Our study emphasizes rethinking mobility and transport choices as key to reducing this pollution source. Shared mobility options, such as public transport, are indeed part of the solution here.

Designing lighter vehicles and exploring alternative materials can also be effective to some extent.

Norway’s electric and hybrid vehicle fleet has rapidly expanded in recent years. While they produce lower carbon emissions, their heavier weight compared to conventional vehicles increases tire wear particle emissions.

Oceans choked by plastics

Why is plastic pollution so bad?

As a coastal nation, Norway’s land-based plastics can easily reach the ocean, given its high population concentration along fjords and long coastlines.

While the greatest percentage of plastic released to the environment ends up in the soil, nearly one-third ends up in the marine environment. It is important to note that a large part of what is deposited in soil will ultimately make its way to the ocean over time.

Marine plastic pollution has long been shown to cause irreversible impacts on ecosystems.

Animals often become entangled in or ingest plastic fragments. Fragments can act as a carrier of invasive species, and plastic debris has also shown the ability to interfere with the marine carbon cycle, further exacerbating climate change.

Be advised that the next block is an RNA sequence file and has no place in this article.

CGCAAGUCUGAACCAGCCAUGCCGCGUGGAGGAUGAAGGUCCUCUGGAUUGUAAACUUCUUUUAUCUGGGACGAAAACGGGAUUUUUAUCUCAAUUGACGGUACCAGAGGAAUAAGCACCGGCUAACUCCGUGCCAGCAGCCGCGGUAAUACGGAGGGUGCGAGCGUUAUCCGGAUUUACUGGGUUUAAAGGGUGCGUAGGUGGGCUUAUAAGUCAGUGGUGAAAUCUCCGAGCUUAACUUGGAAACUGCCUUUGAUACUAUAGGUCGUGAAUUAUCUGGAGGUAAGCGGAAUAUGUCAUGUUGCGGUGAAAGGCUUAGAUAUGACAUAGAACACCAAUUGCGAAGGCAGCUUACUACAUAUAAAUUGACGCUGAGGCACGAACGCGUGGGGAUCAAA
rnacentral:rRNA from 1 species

Plastic pollution is very toxic

To make matters worse, plastic products also contain a mixture of additive substances that are intentionally introduced during production to achieve specific properties.

Our study has demonstrated that high amounts of toxic additives, such as phthalate esters and organophosphate esters, are potentially released to the environment alongside plastics. Field studies (in Norwegian) have previously detected elevated levels of short-chain chlorinated paraffins in the livers of Norwegian herring gulls (Larus argentatus) after ingesting plastics. We estimated significant emissions of these substances from the Norwegian plastic economy.

The findings show that high additive amounts also enter recycling processes. This is problematic since plastic recycling can reintroduce these additives back to the economy.

In other words, recycled plastics can contain elevated levels of additives, which poses an additional risk to human health and the environment.

An urgent need for action

This research shows the importance of restraining plastic production and consumption and addressing the use of hazardous chemical additives.

Policies at home need to be imposed to limit the environmental consequences of the plastic economy.

This is urgent, and it has been urgent for a long time.

Reference: Marhoon, A., et al. Mapping Plastic and Plastic Additive Cycles in Coastal Countries: A Norwegian Case Study. Environ. Sci. Technol. 2024, 58, 19, 8336–8348 https://doi.org/10.1021/acs.est.3c09176

Journal: Environmental Science & Technology
DOI: 10.1021/acs.est.3c09176
Method of Research: Survey
Subject of Research: Not applicable
Article Title: Mapping Plastic and Plastic Additive Cycles in Coastal Countries: A Norwegian Case Study
Article Publication Date: 4-May-2024

Media Contact

Nancy Bazilchuk
Norwegian University of Science and Technology
nancy.bazilchuk@ntnu.no
Office: 91897321

Expert Contacts

Ahmed Marhoon
Norwegian University of Science and Technology, Industrial Ecology Programme
ahmed.marhoon@ntnu.no
Cell: +47 73558964

Francesca Verones
Norwegian University of Science and Technology, Industrial Ecology Programme
francesca.verones@ntnu.no
Cell: +4790544199

Media Contact

Nancy Bazilchuk
Norwegian University of Science and Technology